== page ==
Last month, we had a debate in the office about the age-old adage that to be successful in business, a man needs to wear a suit. This debate was prompted by one of my colleagues who had seen a LinkedIn profile photo of a man in just a dress shirt without a tie or jacket. Another argued that the “old days” of wearing a suit and tie were over – that the internet and social media had changed the standard definition of what is appropriate business attire. Fortunately for all of us, a simple usability test would prove or disprove the belief that jackets are still required.
Why argue when you can settle it with an experiment?
To settle the debate, we created a 5-second test on usabilityhub.com to test the impact of a jacket on a LinkedIn profile photo. Five test subjects were given the instructions to send two profile photos of themselves – one wearing a dress shirt only, and the other with a jacket on over that shirt. Backgrounds, expressions, and the shirts were identical in both photos – the only difference was the presence of a suit jacket.
Respondents were randomly selected and shown one of the profile photos for 5 seconds and then asked four questions to answer with the assumption that they had seen this photo on LinkedIn:
- Please list 3-5 adjectives to describe this person
- Based on the photo alone, would you agree to meet with this person?
- What is your age?
- What is your gender?
We had over 350 test responses over two weeks, with testers both male and female, age 19 through age 73. Most of the testers only saw one of the two photos, although there were a handful that saw both (and did not remember seeing a jacket or not – but they did use different adjectives to describe the person they saw).
- Wear a jacket – it increases your likelihood to get a meeting face-to-face by 14%
- Smile – it increases your chance of getting a meeting by 16%
Yes, You Still Need a Jacket
Across all five men that volunteered for the profile pic experiment, all of them had more favorable results with the jacket photo vs. the shirt-only photo. When run through a statistical significance check, wearing a jacket in a LinkedIn profile picture gave the subject a 14% lift in someone wanting to meet with them.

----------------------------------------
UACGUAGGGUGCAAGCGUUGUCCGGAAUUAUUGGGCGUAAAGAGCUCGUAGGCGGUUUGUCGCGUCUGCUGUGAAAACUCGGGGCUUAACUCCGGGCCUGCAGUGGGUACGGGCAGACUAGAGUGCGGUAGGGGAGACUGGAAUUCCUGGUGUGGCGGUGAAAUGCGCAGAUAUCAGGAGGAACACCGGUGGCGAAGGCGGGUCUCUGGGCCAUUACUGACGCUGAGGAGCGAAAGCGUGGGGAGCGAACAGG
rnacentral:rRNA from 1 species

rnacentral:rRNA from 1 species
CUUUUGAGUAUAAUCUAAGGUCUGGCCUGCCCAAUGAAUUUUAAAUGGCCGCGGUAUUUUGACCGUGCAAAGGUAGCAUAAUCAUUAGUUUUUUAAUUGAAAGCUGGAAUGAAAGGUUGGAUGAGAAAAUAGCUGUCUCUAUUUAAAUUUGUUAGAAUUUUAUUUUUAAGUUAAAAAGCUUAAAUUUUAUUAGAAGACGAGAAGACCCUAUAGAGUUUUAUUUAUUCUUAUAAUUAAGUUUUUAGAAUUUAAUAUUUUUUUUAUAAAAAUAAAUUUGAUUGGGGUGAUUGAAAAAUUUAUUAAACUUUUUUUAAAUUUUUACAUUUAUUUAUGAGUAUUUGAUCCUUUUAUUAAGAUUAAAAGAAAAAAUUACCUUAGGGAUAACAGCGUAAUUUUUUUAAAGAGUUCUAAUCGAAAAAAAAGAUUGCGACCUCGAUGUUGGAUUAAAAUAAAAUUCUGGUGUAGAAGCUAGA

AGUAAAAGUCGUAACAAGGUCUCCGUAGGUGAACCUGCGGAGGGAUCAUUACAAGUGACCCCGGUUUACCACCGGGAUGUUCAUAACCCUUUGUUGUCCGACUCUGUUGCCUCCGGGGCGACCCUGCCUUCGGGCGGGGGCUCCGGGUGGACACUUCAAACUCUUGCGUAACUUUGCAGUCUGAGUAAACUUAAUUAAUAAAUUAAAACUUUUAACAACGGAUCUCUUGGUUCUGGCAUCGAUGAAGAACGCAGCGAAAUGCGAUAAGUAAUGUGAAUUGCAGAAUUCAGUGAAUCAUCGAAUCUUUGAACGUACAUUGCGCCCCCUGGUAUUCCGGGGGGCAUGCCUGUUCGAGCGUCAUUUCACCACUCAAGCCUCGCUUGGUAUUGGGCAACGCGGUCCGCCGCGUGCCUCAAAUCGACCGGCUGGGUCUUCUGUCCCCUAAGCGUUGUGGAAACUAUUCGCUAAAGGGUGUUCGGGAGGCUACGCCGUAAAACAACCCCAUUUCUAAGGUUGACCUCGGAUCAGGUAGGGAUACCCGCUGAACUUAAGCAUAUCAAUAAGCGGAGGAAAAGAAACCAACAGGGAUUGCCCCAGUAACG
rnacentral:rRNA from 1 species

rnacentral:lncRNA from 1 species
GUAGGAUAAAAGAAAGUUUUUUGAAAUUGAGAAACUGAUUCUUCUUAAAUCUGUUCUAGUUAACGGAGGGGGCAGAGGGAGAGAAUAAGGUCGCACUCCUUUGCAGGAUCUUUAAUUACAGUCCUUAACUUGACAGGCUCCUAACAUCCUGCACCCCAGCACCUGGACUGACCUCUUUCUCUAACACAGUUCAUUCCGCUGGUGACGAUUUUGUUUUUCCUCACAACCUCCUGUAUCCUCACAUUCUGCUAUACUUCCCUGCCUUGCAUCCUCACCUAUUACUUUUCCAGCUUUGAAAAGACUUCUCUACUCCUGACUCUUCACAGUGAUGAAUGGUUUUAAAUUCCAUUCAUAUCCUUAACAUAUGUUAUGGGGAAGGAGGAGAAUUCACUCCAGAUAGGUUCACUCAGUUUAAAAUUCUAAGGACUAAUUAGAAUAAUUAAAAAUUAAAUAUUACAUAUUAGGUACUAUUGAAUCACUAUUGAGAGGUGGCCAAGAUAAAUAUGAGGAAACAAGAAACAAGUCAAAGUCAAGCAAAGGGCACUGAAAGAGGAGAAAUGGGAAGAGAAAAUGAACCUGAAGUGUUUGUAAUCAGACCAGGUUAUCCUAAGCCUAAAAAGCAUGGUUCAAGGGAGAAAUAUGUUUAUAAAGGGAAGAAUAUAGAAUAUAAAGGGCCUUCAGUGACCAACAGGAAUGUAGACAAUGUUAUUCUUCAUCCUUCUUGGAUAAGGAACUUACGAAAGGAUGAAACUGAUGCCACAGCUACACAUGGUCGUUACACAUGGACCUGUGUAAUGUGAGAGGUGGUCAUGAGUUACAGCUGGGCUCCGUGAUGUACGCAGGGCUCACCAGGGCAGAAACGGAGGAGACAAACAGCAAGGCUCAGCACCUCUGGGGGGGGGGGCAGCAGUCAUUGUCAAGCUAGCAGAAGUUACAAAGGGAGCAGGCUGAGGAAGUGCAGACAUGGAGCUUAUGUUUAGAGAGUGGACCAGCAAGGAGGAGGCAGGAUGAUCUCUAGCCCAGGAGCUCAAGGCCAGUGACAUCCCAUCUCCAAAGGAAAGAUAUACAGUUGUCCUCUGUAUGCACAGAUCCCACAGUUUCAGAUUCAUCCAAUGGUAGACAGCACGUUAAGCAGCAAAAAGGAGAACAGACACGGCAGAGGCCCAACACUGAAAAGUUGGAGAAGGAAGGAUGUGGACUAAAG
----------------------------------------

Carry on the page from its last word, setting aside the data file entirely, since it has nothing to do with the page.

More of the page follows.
Looks like ZZ Top Was Right
We’re assuming that every girl is indeed crazy about a sharp-dressed man, because when this was further broken out by the sex of the person who viewed the photo, most of the difference was driven by female testers. When the LinkedIn photo had the jacket, women were 63% more likely to want to meet with the candidate. For male testers, there was no significant difference in whether or not a man had a jacket on in his LinkedIn photo.
Younger People Care More about Appearance
When the results were broken out by age range, the 20-30 year olds were the only group that cared about the jacket. The younger demographic was 16% more likely to want to meet with a candidate if they were wearing a jacket. Testers that were age 31 and over showed no significant difference in wanting to meet with a candidate based on the presence of a suit jacket alone.
A Suit Jacket Alters Perception
Another interesting trend was the impact the jacket had on how testers described the person. If the person was not smiling, in the jacket photo this was seen as proof of dedication and intensity towards doing their job well. In the shirt photo, the exact same person was seen as creepy, scary, intimidating, and angry.
For subjects that smiled, the jacket photo made them seem more confident, relaxed, approachable, and professional. In the shirt photo, the exact same person was still seen as happy and fun, but also perceived as not serious, or sloppy.
Smiling Is Good, Too
Men who smiled in their profile photo were 16% more likely to get a meeting. This difference was more pronounced with female testers, who were 61% more likely to meet with a smiling man versus one with a more serious expression. There was no significant difference with male testers when it came to the impact of a smile.
When broken out by age, the presence of a smile had no impact on testers age 30 or younger. However, with respondents age 31 or older, smiling increased the likelihood of a meeting by 40%.
Smile and wear a jacket – it doesn’t necessarily impact your ability to get a face-to-face meeting with men, but it definitely helps if the target is female or older than 30. Testers also noticed the quality of the photo’s background – if it was not professionally lit or taken outdoors, comments indicated that the person was not seen as a “legitimate” contact. The presence of facial hair was always noted in the adjectives to describe someone who had it (hairy, bearded, scruffy), but had no impact on the person’s ability to get a meeting.